Lengthy MVI investigations put travelers at risk

Kelowna resident caught behind fatal MVI for hours says authorities need to find funding to improve response time as it creates safety risks

Editor,

My wife and I were one of what appeared to be several hundred people stuck on the Trans-Canada Highway following the serious MVI that occurred around 12:30 p.m. on Dec. 1.  Before expressing my various concerns, let me first applaud the first responders, highway maintenance and others who did a thorough job in what was clearly a very sad and traumatic situation. Also, my condolences and thoughts go out to the family and friends of the trucker who lost his life in the incident.

While it is clear to many that the cost to upgrade the stretch of highway between Revelstoke and Golden may be beyond the budgets of our current governments, it appears that there is also a shortage of the base funding or personnel to provide the necessary support required when an incident of this magnitude occurs. This incident occurred at 12:30 p.m. on a day of light snow and temperatures just at or below freezing temperatures. A long line of vehicles then waited for six or seven hours before the road was cleared.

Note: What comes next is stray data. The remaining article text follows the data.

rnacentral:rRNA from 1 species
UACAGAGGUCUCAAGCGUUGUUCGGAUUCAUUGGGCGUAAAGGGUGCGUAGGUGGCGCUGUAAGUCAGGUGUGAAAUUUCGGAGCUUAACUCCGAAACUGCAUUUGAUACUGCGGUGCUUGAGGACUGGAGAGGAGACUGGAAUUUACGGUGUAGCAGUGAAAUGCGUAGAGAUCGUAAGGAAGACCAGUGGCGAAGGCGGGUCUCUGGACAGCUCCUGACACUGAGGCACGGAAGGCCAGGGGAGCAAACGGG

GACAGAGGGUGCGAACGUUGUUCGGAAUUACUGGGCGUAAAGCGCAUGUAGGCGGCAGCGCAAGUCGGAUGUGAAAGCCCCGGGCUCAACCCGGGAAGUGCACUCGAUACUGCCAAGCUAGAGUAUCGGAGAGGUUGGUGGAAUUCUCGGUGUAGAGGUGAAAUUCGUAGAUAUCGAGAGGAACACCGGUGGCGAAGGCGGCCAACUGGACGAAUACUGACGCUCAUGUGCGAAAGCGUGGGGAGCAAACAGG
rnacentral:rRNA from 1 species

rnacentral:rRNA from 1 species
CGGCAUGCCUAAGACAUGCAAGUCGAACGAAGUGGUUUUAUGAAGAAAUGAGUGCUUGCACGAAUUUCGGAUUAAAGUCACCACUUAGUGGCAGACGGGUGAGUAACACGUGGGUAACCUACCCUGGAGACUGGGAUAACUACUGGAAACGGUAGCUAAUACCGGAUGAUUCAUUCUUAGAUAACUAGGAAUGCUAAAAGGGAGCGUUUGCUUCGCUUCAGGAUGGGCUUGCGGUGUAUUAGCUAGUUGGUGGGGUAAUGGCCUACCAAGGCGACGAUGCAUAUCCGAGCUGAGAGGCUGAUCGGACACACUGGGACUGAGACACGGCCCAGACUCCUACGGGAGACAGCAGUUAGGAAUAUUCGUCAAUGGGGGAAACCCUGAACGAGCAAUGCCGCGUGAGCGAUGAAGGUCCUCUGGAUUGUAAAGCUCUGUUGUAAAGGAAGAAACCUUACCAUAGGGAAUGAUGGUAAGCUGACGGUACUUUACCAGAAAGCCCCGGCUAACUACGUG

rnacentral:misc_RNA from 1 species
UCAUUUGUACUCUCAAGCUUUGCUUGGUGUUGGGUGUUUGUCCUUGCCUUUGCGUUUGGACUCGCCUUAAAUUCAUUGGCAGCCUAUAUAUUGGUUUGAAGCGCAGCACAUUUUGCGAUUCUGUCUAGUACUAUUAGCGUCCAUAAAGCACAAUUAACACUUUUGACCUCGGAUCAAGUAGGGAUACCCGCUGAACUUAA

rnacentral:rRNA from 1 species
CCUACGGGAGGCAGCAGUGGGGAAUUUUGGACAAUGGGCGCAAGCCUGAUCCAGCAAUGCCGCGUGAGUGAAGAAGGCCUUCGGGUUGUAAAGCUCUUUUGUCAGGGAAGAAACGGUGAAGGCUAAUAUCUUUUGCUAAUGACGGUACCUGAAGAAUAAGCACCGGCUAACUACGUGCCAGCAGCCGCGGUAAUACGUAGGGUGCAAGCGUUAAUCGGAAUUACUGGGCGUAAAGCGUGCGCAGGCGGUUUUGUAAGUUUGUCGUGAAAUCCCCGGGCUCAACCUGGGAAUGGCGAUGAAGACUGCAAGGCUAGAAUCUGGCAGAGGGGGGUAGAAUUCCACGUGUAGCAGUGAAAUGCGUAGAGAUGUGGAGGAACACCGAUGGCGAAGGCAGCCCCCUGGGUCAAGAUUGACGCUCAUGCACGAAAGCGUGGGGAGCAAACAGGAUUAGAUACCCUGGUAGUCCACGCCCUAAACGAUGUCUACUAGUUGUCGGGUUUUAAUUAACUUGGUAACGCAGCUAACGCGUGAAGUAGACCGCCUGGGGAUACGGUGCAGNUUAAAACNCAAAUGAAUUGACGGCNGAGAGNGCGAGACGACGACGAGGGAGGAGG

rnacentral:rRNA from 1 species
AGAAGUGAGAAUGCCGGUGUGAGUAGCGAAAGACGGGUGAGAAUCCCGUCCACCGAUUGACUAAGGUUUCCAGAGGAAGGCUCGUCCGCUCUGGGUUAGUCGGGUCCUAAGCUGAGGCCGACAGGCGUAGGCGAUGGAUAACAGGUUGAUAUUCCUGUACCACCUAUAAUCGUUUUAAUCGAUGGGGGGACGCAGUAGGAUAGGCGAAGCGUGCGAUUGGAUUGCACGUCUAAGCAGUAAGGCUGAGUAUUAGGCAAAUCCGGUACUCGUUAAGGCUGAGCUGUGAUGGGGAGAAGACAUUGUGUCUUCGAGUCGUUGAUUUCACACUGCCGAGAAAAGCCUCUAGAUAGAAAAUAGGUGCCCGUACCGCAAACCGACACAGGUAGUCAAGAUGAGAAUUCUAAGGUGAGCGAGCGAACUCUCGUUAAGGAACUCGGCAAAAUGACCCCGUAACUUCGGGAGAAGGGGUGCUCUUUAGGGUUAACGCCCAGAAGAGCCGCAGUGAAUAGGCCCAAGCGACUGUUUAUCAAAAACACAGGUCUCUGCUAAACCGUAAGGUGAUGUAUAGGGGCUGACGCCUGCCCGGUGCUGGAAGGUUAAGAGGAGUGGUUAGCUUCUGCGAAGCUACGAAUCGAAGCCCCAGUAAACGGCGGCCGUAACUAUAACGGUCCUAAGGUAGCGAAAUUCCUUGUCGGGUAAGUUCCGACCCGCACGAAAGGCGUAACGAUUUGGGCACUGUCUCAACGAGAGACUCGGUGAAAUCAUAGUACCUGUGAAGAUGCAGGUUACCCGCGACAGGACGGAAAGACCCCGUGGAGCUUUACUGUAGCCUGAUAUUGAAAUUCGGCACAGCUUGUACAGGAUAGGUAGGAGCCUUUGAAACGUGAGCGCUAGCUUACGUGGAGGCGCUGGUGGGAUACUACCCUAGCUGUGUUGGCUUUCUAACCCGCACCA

I was told that the primary reason for the long delay was to allow for the transport of an accident investigator and associated equipment to the site and for the investigation to be concluded. While it is understandable that this is a necessary process, what is of serious concern to me is during this delay darkness fell, as well as the temperatures.

The vehicles traveling westbound toward Revelstoke were more than 100 kilometres from Golden and obviously could not get through to Revelstoke. As regular travelers of this highway will be aware, there are now no facilities of any kind at the summit of Rogers Pass other than a Parks centre. This was a situation of increasing risk for likely several hundred travelers stuck on the highway during this time.

At what point does the safety of hundreds of people trump the need for a full accident investigation? Or, if accident investigations are so important, why can the necessary people and equipment not be transported to the site quickly enough to minimize the risk to others through unnecessary delays?

Surely this is a matter of hundreds of thousands of dollars rather than multiple millions. This situation is intolerable and should be dealt with before further tragedy occurs.

John Matthews

Kelowna, B.C.

 

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